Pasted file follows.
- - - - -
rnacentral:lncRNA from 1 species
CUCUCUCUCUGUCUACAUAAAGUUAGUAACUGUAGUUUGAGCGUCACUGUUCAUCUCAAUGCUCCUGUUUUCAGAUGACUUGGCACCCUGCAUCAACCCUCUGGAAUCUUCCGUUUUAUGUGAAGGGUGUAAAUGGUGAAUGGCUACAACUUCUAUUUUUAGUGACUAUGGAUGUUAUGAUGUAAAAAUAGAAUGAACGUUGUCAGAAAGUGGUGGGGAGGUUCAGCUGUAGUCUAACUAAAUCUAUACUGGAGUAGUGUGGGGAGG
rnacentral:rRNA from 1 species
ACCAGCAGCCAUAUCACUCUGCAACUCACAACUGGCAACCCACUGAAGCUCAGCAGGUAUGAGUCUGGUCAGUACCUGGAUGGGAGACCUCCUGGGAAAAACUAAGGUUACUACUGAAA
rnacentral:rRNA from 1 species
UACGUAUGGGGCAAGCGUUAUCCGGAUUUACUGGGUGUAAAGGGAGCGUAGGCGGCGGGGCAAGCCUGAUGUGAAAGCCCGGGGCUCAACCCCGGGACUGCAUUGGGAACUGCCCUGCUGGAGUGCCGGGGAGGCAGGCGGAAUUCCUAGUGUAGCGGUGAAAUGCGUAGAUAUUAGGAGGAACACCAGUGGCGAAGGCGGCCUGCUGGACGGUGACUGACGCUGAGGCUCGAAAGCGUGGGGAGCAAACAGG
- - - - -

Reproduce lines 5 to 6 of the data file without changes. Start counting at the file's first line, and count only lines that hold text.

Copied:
rnacentral:rRNA from 1 species
UACGUAUGGGGCAAGCGUUAUCCGGAUUUACUGGGUGUAAAGGGAGCGUAGGCGGCGGGGCAAGCCUGAUGUGAAAGCCCGGGGCUCAACCCCGGGACUGCAUUGGGAACUGCCCUGCUGGAGUGCCGGGGAGGCAGGCGGAAUUCCUAGUGUAGCGGUGAAAUGCGUAGAUAUUAGGAGGAACACCAGUGGCGAAGGCGGCCUGCUGGACGGUGACUGACGCUGAGGCUCGAAAGCGUGGGGAGCAAACAGG